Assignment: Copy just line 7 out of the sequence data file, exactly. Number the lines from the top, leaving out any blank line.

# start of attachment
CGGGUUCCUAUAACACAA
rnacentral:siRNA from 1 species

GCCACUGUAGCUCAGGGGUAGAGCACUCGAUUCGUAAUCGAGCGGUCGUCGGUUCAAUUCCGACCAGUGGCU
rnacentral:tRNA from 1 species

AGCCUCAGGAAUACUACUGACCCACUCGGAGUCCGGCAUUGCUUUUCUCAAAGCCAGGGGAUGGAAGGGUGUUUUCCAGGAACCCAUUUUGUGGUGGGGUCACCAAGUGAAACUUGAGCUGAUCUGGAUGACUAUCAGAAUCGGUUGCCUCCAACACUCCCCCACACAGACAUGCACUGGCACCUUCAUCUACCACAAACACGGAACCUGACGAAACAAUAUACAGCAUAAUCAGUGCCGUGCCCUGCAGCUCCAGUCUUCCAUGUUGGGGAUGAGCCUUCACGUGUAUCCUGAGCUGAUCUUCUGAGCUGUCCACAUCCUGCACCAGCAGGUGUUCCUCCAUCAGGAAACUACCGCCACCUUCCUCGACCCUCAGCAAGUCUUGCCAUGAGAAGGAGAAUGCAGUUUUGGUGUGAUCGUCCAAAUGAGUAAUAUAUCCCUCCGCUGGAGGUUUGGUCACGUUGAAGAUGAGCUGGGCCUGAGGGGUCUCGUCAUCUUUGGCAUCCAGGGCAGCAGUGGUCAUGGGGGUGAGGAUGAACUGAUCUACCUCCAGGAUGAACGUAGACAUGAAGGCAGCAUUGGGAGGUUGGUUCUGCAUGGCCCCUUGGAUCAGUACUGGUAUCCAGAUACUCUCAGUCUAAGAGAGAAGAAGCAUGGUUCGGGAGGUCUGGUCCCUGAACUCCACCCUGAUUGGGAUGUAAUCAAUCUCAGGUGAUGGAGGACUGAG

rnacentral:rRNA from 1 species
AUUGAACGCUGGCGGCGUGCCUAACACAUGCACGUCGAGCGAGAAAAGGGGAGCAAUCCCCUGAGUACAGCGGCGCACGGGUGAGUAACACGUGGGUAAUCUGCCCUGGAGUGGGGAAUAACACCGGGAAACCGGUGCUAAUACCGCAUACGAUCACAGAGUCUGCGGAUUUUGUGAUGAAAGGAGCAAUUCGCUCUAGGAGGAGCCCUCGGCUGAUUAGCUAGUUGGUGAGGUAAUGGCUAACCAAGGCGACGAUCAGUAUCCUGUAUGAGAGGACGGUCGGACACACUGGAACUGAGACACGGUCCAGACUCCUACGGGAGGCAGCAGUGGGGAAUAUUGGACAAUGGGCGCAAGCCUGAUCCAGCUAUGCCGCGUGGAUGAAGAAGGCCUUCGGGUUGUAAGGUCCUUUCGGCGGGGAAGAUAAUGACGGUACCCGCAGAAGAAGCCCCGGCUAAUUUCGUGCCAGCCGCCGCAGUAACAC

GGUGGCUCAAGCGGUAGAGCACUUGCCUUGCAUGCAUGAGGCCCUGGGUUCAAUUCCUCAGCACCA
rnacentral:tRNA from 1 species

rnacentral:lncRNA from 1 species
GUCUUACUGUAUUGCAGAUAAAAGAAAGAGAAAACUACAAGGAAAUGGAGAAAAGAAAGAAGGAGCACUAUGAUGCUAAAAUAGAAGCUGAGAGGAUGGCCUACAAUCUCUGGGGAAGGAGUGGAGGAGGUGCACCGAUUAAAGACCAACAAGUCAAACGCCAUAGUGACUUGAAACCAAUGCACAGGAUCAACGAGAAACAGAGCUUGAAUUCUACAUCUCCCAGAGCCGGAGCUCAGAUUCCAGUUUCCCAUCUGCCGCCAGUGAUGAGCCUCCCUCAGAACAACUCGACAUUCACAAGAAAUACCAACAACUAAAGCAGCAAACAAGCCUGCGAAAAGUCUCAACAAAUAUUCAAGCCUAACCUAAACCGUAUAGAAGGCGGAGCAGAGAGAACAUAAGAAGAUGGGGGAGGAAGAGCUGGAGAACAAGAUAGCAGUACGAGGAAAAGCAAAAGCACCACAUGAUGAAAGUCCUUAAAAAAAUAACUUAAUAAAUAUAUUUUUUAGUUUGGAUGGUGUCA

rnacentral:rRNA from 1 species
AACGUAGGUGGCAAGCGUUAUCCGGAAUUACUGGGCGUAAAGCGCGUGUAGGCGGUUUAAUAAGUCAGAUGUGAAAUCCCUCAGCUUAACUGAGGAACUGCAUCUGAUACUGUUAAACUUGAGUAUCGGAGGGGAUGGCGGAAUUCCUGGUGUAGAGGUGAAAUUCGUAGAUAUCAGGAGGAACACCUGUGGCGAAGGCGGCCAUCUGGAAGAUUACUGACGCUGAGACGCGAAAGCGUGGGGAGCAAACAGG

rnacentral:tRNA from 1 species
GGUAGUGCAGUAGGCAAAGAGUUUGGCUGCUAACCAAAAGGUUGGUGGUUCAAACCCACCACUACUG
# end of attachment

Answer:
AUUGAACGCUGGCGGCGUGCCUAACACAUGCACGUCGAGCGAGAAAAGGGGAGCAAUCCCCUGAGUACAGCGGCGCACGGGUGAGUAACACGUGGGUAAUCUGCCCUGGAGUGGGGAAUAACACCGGGAAACCGGUGCUAAUACCGCAUACGAUCACAGAGUCUGCGGAUUUUGUGAUGAAAGGAGCAAUUCGCUCUAGGAGGAGCCCUCGGCUGAUUAGCUAGUUGGUGAGGUAAUGGCUAACCAAGGCGACGAUCAGUAUCCUGUAUGAGAGGACGGUCGGACACACUGGAACUGAGACACGGUCCAGACUCCUACGGGAGGCAGCAGUGGGGAAUAUUGGACAAUGGGCGCAAGCCUGAUCCAGCUAUGCCGCGUGGAUGAAGAAGGCCUUCGGGUUGUAAGGUCCUUUCGGCGGGGAAGAUAAUGACGGUACCCGCAGAAGAAGCCCCGGCUAAUUUCGUGCCAGCCGCCGCAGUAACAC